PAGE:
Urgent warning from food safety expert about where you keep your spices as MAYO kills one and infects 75

Dr. Darin Detwiler, a food safety expert at Northeastern University in Boston and a former food safety advisor to the FDA and USDA, shared tips for storing condiments such as mayonnaise

Food safety experts are warning Americans against keeping condiments like mayonnaise, pesto and barbecue sauce in the pantry after an international outbreak of deadly bacteria.

Earlier this month, health officials in Saudi Arabia sounded the alarm after 75 people fell ill with botulism. a rare foodborne pathogen that attacks the body’s nerves.

Of these cases, 11 were hospitalized and 20 required intensive care monitoring. One person died.

The Saudi Food and Drug Authority (SFDA) discovered that the poison that causes botulism Clostridium Botulinum was found in mayonnaise sold at the Hamburgini chain in the capital Riyadh.

Dr. Darin Detwiler, a former FDA and USDA advisor and food safety expert at Northeastern University in Boston, told DailyMail.com that while botulism is rare in the U.S., “the severity is high,” making proper herb storage essential.

“Condiments, including mayonnaise, can be at risk if not handled or stored properly,” he said.

Mayonnaise is an egg-based condiment, making it vulnerable to bacteria such as C botulinum and salmonella if not stored properly (stock image)

Mayonnaise is an egg-based condiment, making it vulnerable to bacteria such as C botulinum and salmonella if not stored properly (stock image)

Claudia Albuquerque Celada became ill with botulism after eating contaminated soup, which experts say was the result of improperly heating it

Doralice Goes became paralyzed after eating pesto contaminated with botulism

Claudia Albuquerque Celada (left) and Doralice Goes (right) were both infected with botulism and paralyzed after eating contaminated food

Botulism is caused by a toxin released by the bacterium Clostridium botulinum, which is normally found in mostly harmless spores in soil, marine areas and on the surface of foods such as fruits, vegetables and seafood.

These bacteria produce spores, which act as protective coatings, which are usually harmless.

However, warm and wet, cramped spaces without oxygen, such as plastic pots and cans, can cause the bacteria to release toxins that attack the central nervous system.

Spices with a risk of foodborne illness

  • mayonnaise
  • Aioli
  • Pesto
  • Barbecue sauce
  • Ketchup
  • Mustard
  • Salsa
  • Horseradish
  • Nut butters
  • Tahini
  • Jam
  • Jelly

Store these ingredients in the refrigerator after opening. Exact times vary, but many last several weeks or months if properly refrigerated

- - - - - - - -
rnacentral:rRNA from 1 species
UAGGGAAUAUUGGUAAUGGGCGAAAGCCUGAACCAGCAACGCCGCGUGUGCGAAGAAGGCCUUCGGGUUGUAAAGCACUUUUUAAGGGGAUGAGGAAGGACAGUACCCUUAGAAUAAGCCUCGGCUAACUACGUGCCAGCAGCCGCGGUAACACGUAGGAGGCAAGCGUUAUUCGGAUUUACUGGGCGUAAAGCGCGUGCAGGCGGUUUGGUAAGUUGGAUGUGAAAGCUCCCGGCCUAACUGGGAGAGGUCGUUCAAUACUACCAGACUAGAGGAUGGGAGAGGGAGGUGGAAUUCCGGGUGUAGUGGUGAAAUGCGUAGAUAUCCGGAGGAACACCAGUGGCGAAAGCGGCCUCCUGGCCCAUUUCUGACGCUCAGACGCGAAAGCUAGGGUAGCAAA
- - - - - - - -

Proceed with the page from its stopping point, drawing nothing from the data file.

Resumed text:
The CDC estimates that only 200 cases of botulism occur in the US each year, and only 25 of those come from food, making it virtually rare.

It is unclear what other ingredients were in the contaminated mayonnaise and whether the eggs were pasteurized, meaning they were heated to high temperatures to kill bacteria such as C-botulinum.

Dr. Detwiler notes that when it comes to botulism, “it’s usually the eggs” that are responsible.

“Botulism thrives in anaerobic (oxygen-free) environments,” he said.

‘Improperly sealed containers or poorly stored mayonnaise can create favorable conditions for the growth of Clostridium botulinum.’

Boiling eggs kills this bacteria, but condiments such as mayonnaise, aioli and hollandaise contain raw eggs. This means they can still contain harmful pathogens.

Dr. Detwiler noted that the risk is greatest for homemade mayonnaise because it is more likely to contain unpasteurized eggs.

“However, commercial mayonnaise usually contains pasteurized eggs, which reduces this risk,” he said.

To combat this risk, Dr. Detwiler urges that you should always store mayonnaise in the refrigerator after opening, although unopened condiments can be stored in the pantry in a cool, dry place, away from sunlight.

Keeping these types of herbs at room temperature for a long time increases the growth of bacteria, so keeping them in the refrigerator will stop that growth.

And if you’re making mayonnaise from scratch, he recommends consuming it within a few days, and the FDA recommends throwing out perishable foods that have been left at room temperature for more than two hours.

Dr. Detwiler suggested keeping the pesto in the refrigerator in addition to mayonnaise because it contains basil, cheese and mustard.

Even barbecue sauce can be at risk because it “contains sugar and other perishable ingredients that benefit from refrigeration.”

Dr. Detwiler also urged consumers to keep an eye out for bulging or leaking containers on shelves, as these are “signs of bacterial activity, which may include Clostridium botulinum.”

‘Do not use these products.’

And avoid returning unused portions of mayonnaise and other perishable condiments in their original packaging. “This prevents contamination of the entire container,” he says.

Dr. Detwiler warned that signs of botulism include difficulty swallowing, muscle weakness, double vision, drooping eyelids, blurred vision, slurred speech, difficulty breathing and difficulty moving the eyes.

Foodborne infections can also cause vomiting, nausea, stomach pain and diarrhea.

“Botulism is potentially fatal if not treated quickly,” said Dr. Detwiler. ‘Early diagnosis and treatment are crucial.’